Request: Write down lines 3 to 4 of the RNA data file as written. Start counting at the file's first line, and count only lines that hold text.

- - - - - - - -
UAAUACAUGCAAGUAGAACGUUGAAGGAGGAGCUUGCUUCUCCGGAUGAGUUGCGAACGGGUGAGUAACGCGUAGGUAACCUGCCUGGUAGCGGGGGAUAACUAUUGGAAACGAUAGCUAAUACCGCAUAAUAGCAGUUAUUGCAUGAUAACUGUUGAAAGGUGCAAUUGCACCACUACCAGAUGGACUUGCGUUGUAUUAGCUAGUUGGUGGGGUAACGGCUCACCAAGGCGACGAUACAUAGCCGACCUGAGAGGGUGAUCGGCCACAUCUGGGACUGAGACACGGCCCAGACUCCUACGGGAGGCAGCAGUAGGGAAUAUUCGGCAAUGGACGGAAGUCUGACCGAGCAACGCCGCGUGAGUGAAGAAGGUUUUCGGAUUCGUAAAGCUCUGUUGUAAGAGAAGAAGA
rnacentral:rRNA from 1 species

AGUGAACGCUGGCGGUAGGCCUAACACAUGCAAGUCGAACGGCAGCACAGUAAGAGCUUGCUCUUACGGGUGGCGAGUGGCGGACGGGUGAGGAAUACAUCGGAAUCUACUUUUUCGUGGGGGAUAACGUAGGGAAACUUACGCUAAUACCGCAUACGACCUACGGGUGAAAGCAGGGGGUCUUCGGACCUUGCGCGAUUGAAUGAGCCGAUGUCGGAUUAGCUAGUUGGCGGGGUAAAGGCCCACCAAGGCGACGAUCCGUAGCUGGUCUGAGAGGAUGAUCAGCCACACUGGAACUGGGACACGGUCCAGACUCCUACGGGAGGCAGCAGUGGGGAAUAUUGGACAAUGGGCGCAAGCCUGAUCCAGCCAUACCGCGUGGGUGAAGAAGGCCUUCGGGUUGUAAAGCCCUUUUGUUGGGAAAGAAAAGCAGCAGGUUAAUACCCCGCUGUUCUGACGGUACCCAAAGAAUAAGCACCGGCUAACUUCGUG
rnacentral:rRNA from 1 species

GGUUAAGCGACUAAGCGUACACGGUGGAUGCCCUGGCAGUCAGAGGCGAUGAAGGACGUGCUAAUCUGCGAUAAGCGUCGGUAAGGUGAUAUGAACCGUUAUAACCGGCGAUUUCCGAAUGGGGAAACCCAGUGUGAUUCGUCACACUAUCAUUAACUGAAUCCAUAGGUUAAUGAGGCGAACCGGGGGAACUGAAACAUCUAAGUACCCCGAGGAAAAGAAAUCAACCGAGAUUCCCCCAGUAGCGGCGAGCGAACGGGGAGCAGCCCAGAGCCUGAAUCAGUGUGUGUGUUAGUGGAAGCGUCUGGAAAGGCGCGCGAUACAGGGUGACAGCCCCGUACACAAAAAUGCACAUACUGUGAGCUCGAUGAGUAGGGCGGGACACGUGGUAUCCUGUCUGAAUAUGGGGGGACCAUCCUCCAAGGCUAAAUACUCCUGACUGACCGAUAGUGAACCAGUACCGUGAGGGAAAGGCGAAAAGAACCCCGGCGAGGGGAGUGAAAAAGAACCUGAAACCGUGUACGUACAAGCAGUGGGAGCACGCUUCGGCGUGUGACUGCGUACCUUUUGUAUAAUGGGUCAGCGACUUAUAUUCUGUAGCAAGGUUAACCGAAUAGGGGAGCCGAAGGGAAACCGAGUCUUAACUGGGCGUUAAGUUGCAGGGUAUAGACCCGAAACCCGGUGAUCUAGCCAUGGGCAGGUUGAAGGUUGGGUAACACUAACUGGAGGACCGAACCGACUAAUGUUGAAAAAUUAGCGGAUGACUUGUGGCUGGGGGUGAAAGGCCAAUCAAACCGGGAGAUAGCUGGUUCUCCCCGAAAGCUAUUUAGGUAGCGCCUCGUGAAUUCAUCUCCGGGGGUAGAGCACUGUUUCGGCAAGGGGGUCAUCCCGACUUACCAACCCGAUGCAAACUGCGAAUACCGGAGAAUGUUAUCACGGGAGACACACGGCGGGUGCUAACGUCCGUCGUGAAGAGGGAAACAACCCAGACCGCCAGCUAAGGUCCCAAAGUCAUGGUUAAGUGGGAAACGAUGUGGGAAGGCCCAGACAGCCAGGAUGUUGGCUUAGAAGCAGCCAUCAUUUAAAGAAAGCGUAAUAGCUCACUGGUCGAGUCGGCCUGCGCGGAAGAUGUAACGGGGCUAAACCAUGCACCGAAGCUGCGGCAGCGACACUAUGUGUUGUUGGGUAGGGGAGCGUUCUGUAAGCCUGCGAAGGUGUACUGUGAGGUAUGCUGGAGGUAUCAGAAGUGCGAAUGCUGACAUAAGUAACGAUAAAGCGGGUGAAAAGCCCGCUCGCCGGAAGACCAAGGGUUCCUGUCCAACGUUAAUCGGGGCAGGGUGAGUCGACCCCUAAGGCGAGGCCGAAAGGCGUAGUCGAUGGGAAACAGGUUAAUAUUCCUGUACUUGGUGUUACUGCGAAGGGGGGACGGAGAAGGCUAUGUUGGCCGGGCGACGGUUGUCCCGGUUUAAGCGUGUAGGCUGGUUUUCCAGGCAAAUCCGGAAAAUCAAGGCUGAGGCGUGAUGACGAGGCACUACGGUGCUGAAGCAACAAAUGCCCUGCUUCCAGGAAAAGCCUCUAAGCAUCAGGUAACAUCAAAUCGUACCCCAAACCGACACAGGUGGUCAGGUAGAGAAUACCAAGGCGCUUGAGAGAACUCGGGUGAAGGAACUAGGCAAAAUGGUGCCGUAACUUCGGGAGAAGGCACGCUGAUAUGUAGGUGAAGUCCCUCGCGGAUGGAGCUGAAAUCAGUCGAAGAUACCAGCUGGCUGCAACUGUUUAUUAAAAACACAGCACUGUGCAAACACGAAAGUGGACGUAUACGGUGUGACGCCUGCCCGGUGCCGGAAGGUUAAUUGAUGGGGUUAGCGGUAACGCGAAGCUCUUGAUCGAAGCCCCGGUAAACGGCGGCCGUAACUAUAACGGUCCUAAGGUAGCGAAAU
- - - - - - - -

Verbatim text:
AGUGAACGCUGGCGGUAGGCCUAACACAUGCAAGUCGAACGGCAGCACAGUAAGAGCUUGCUCUUACGGGUGGCGAGUGGCGGACGGGUGAGGAAUACAUCGGAAUCUACUUUUUCGUGGGGGAUAACGUAGGGAAACUUACGCUAAUACCGCAUACGACCUACGGGUGAAAGCAGGGGGUCUUCGGACCUUGCGCGAUUGAAUGAGCCGAUGUCGGAUUAGCUAGUUGGCGGGGUAAAGGCCCACCAAGGCGACGAUCCGUAGCUGGUCUGAGAGGAUGAUCAGCCACACUGGAACUGGGACACGGUCCAGACUCCUACGGGAGGCAGCAGUGGGGAAUAUUGGACAAUGGGCGCAAGCCUGAUCCAGCCAUACCGCGUGGGUGAAGAAGGCCUUCGGGUUGUAAAGCCCUUUUGUUGGGAAAGAAAAGCAGCAGGUUAAUACCCCGCUGUUCUGACGGUACCCAAAGAAUAAGCACCGGCUAACUUCGUG
rnacentral:rRNA from 1 species